In this post we'll cover GitHub Actions. We'll show you how to use it to automate your deployment workflow and how to use environment variables to save secrets.
We will deploy a simple Nest app using GitHub Actions. We'll start with a simple NestJS app. You don't need to know NestJS to get started, and you can use your own app if you wish. The starting point of the project can be taken from here.
GitHub Actions Environment Variables
We're going to store Docker secrets later in the post using secret variables from GitHub Actions. They can be easily found in the Settings tab and will help you during the automation process.
Like in any production app, we'll create a feature branch from the main branch. After the changes are made, we'll create a pull request to the main branch.
Before merging, you need to ensure that this feature branch will not cause any breaking changes. For each pull request, you want to ensure that the build is successful and that all tests passed.
If you don’t use GitHub Actions, this will require a manual process. Suppose you’re happy with your pull request and want to merge it into the main branch. The next set of tasks is to build Docker image and push it into Docker hub. You can also automate these manual tasks with GitHub Actions.
You need to extract the Nest-App from the link provided earlier in your local system and run npm install in it.
After that, create a new repository in GitHub and push your project.
Click on the Actions tab. There you will find a lot of snippets for different projects.
Search for Node and then click on the Configure button of a Node.js project.
Copy all the code from this page, but don't save it. You are going to create it from VS Code in the next step.
Back in your app, you need to create a .github folder and a workflows folder inside it. So inside it, create an integrate.yml file and paste the code from earlier. The .yml file basically says that on push or pull to the main branch, you need to run jobs. The first job name is build, and it runs-on an Ubuntu machine provided by GitHub. It also specifies the node version it will run.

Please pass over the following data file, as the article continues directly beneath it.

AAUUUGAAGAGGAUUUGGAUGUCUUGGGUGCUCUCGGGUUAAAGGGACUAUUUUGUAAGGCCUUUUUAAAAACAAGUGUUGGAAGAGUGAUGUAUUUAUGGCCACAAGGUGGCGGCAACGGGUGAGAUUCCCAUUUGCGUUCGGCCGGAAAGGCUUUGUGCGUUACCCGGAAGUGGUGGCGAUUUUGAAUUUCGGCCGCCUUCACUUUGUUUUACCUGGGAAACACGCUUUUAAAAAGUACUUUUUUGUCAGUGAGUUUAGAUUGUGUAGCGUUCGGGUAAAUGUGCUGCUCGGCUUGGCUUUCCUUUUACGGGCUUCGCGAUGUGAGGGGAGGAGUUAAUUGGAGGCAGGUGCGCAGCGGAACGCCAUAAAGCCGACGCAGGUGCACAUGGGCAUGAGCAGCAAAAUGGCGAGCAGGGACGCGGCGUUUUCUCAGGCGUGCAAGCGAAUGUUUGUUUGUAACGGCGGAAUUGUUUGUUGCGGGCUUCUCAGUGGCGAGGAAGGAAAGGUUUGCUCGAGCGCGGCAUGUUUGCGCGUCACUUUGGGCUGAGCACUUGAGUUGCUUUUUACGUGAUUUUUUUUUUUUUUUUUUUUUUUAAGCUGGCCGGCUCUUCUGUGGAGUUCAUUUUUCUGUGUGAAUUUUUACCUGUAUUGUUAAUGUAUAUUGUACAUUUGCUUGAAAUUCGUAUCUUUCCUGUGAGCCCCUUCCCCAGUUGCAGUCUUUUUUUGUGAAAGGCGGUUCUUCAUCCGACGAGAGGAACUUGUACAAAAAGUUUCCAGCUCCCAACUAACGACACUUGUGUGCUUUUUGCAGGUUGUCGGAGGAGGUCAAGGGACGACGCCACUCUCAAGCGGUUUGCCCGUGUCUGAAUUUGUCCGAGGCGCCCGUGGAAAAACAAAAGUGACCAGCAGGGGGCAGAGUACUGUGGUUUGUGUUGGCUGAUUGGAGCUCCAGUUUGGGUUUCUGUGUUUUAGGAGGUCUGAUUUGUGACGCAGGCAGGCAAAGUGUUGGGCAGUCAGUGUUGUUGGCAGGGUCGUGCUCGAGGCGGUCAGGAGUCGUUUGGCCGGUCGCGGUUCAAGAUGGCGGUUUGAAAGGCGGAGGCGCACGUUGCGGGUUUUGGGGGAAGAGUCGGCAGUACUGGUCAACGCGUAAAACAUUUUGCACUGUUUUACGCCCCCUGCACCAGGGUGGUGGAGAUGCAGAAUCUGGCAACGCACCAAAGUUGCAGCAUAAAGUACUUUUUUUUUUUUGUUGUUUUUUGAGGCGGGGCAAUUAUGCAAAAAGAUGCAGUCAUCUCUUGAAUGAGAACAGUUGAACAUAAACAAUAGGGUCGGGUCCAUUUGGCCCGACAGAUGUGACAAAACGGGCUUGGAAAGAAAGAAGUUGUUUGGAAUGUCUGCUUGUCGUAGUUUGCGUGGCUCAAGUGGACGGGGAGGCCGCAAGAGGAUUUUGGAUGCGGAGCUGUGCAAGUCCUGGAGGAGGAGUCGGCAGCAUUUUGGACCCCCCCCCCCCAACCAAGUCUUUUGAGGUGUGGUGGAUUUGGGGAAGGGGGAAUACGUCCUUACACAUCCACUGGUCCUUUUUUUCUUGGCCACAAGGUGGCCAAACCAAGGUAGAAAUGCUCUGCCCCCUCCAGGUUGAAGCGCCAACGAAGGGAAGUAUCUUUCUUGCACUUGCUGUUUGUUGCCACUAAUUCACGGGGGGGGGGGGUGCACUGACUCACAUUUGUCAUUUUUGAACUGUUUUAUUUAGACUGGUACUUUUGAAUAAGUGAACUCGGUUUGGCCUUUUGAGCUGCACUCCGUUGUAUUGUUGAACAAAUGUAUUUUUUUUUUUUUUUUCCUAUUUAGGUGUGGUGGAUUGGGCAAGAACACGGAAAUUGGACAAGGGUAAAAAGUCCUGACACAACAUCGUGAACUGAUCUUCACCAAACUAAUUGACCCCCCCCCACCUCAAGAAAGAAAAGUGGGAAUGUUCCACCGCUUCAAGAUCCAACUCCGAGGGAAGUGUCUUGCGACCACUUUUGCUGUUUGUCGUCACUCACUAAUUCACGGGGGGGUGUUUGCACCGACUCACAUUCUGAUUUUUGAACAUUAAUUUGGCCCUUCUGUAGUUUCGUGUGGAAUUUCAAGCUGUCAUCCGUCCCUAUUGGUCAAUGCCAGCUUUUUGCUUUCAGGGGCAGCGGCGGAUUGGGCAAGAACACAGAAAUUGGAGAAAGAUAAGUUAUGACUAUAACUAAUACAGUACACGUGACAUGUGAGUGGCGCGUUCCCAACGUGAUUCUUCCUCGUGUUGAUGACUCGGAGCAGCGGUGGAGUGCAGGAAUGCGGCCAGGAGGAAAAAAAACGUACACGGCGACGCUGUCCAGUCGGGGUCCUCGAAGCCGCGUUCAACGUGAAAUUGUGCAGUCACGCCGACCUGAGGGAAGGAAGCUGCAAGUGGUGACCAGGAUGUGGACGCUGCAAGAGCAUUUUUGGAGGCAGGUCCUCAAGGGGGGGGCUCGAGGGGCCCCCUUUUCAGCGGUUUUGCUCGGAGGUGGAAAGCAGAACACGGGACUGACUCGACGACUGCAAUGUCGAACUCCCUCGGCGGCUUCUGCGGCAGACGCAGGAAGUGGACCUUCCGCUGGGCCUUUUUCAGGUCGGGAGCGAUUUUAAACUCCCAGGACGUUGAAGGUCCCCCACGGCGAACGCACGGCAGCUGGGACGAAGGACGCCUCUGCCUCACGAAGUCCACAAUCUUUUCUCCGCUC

In the steps below, you are using GitHub's Checkout Actions to check out into the build agent's directory. After that, you are setting up Node in that directory.
Lastly, the main command of npm i and npm run build are run.
You will also create the workflow for your tests. Below, you are creating another job called unit-tests and doing the same setup again.
The Failed Run
Now create and push a remote branch that you'll use for your changes.
Back in GitHub, you'll see a compare and pull request button that you need to click.
In the next screen, you just need to write a description and click the Create pull request button.
The next screen says that a new branch got created called new-actions. Click on the Actions tab.
On the Actions page, you can see that your action failed. You need to click on the same to know the exact issue.
The next page shows that there is an issue in unit-tests in the integrate.yml file.
The Successful Run
Upon inspection, it's clear that there is no space in the unit tests. So, we're adding the space and again pushing the changes to new-actions.
Back in GitHub, you can see that a new action has been running.
This time the build completed successfully.
Also notice that the build and unit-tests jobs were run on three versions of Node.js.
Now you can Merge this pull request and will get a confirmation.
The Docker Setup
You'll need to go to https://hub.docker.com/ and register if you don't have an account.